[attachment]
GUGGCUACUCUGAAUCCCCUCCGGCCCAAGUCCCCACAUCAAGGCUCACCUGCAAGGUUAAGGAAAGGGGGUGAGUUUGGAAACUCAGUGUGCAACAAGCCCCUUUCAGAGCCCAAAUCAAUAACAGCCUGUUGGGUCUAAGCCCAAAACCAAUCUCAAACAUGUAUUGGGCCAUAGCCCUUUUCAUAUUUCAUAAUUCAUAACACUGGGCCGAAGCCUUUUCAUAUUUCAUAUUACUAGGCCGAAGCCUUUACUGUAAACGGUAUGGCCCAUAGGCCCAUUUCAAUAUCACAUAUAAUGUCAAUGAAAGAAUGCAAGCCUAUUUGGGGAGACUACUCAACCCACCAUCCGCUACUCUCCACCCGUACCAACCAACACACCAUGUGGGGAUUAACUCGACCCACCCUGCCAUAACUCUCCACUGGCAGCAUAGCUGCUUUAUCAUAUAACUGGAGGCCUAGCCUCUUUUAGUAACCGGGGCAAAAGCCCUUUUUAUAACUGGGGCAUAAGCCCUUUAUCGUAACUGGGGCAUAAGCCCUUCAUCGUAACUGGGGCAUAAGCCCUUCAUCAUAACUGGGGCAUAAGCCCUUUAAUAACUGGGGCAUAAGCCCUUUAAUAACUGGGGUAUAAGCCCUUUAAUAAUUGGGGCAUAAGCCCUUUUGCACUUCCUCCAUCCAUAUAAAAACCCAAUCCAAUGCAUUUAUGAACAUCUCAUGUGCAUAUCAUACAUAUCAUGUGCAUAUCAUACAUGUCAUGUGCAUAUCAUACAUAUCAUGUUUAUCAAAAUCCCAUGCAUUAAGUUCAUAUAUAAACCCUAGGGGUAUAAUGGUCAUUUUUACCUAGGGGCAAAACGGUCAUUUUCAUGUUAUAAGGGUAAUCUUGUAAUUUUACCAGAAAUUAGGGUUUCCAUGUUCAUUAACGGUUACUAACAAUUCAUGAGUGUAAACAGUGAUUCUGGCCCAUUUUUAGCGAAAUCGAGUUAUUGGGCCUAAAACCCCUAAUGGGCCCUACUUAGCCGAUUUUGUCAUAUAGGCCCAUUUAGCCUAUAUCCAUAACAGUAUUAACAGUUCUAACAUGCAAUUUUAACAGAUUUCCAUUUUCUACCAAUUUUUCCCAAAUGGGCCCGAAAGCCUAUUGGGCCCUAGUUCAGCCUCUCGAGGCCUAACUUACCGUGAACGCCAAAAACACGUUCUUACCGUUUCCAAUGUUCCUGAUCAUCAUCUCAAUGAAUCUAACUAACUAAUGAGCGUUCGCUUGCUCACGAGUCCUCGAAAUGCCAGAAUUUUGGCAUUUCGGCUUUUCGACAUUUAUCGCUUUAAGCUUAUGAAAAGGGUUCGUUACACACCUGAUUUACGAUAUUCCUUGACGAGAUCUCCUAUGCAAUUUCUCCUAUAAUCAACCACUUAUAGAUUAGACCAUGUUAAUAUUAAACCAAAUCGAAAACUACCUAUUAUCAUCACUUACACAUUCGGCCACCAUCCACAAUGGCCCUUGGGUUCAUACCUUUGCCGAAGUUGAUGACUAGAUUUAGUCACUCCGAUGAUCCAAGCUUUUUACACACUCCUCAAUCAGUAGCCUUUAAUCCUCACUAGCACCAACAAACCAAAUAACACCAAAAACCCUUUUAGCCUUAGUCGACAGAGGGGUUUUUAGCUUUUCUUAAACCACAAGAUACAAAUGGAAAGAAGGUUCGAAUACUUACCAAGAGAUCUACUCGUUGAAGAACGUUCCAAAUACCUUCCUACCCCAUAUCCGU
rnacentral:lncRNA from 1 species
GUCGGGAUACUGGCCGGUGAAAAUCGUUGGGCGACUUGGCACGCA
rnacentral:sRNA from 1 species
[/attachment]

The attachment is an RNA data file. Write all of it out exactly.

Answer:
GUGGCUACUCUGAAUCCCCUCCGGCCCAAGUCCCCACAUCAAGGCUCACCUGCAAGGUUAAGGAAAGGGGGUGAGUUUGGAAACUCAGUGUGCAACAAGCCCCUUUCAGAGCCCAAAUCAAUAACAGCCUGUUGGGUCUAAGCCCAAAACCAAUCUCAAACAUGUAUUGGGCCAUAGCCCUUUUCAUAUUUCAUAAUUCAUAACACUGGGCCGAAGCCUUUUCAUAUUUCAUAUUACUAGGCCGAAGCCUUUACUGUAAACGGUAUGGCCCAUAGGCCCAUUUCAAUAUCACAUAUAAUGUCAAUGAAAGAAUGCAAGCCUAUUUGGGGAGACUACUCAACCCACCAUCCGCUACUCUCCACCCGUACCAACCAACACACCAUGUGGGGAUUAACUCGACCCACCCUGCCAUAACUCUCCACUGGCAGCAUAGCUGCUUUAUCAUAUAACUGGAGGCCUAGCCUCUUUUAGUAACCGGGGCAAAAGCCCUUUUUAUAACUGGGGCAUAAGCCCUUUAUCGUAACUGGGGCAUAAGCCCUUCAUCGUAACUGGGGCAUAAGCCCUUCAUCAUAACUGGGGCAUAAGCCCUUUAAUAACUGGGGCAUAAGCCCUUUAAUAACUGGGGUAUAAGCCCUUUAAUAAUUGGGGCAUAAGCCCUUUUGCACUUCCUCCAUCCAUAUAAAAACCCAAUCCAAUGCAUUUAUGAACAUCUCAUGUGCAUAUCAUACAUAUCAUGUGCAUAUCAUACAUGUCAUGUGCAUAUCAUACAUAUCAUGUUUAUCAAAAUCCCAUGCAUUAAGUUCAUAUAUAAACCCUAGGGGUAUAAUGGUCAUUUUUACCUAGGGGCAAAACGGUCAUUUUCAUGUUAUAAGGGUAAUCUUGUAAUUUUACCAGAAAUUAGGGUUUCCAUGUUCAUUAACGGUUACUAACAAUUCAUGAGUGUAAACAGUGAUUCUGGCCCAUUUUUAGCGAAAUCGAGUUAUUGGGCCUAAAACCCCUAAUGGGCCCUACUUAGCCGAUUUUGUCAUAUAGGCCCAUUUAGCCUAUAUCCAUAACAGUAUUAACAGUUCUAACAUGCAAUUUUAACAGAUUUCCAUUUUCUACCAAUUUUUCCCAAAUGGGCCCGAAAGCCUAUUGGGCCCUAGUUCAGCCUCUCGAGGCCUAACUUACCGUGAACGCCAAAAACACGUUCUUACCGUUUCCAAUGUUCCUGAUCAUCAUCUCAAUGAAUCUAACUAACUAAUGAGCGUUCGCUUGCUCACGAGUCCUCGAAAUGCCAGAAUUUUGGCAUUUCGGCUUUUCGACAUUUAUCGCUUUAAGCUUAUGAAAAGGGUUCGUUACACACCUGAUUUACGAUAUUCCUUGACGAGAUCUCCUAUGCAAUUUCUCCUAUAAUCAACCACUUAUAGAUUAGACCAUGUUAAUAUUAAACCAAAUCGAAAACUACCUAUUAUCAUCACUUACACAUUCGGCCACCAUCCACAAUGGCCCUUGGGUUCAUACCUUUGCCGAAGUUGAUGACUAGAUUUAGUCACUCCGAUGAUCCAAGCUUUUUACACACUCCUCAAUCAGUAGCCUUUAAUCCUCACUAGCACCAACAAACCAAAUAACACCAAAAACCCUUUUAGCCUUAGUCGACAGAGGGGUUUUUAGCUUUUCUUAAACCACAAGAUACAAAUGGAAAGAAGGUUCGAAUACUUACCAAGAGAUCUACUCGUUGAAGAACGUUCCAAAUACCUUCCUACCCCAUAUCCGU
rnacentral:lncRNA from 1 species
GUCGGGAUACUGGCCGGUGAAAAUCGUUGGGCGACUUGGCACGCA
rnacentral:sRNA from 1 species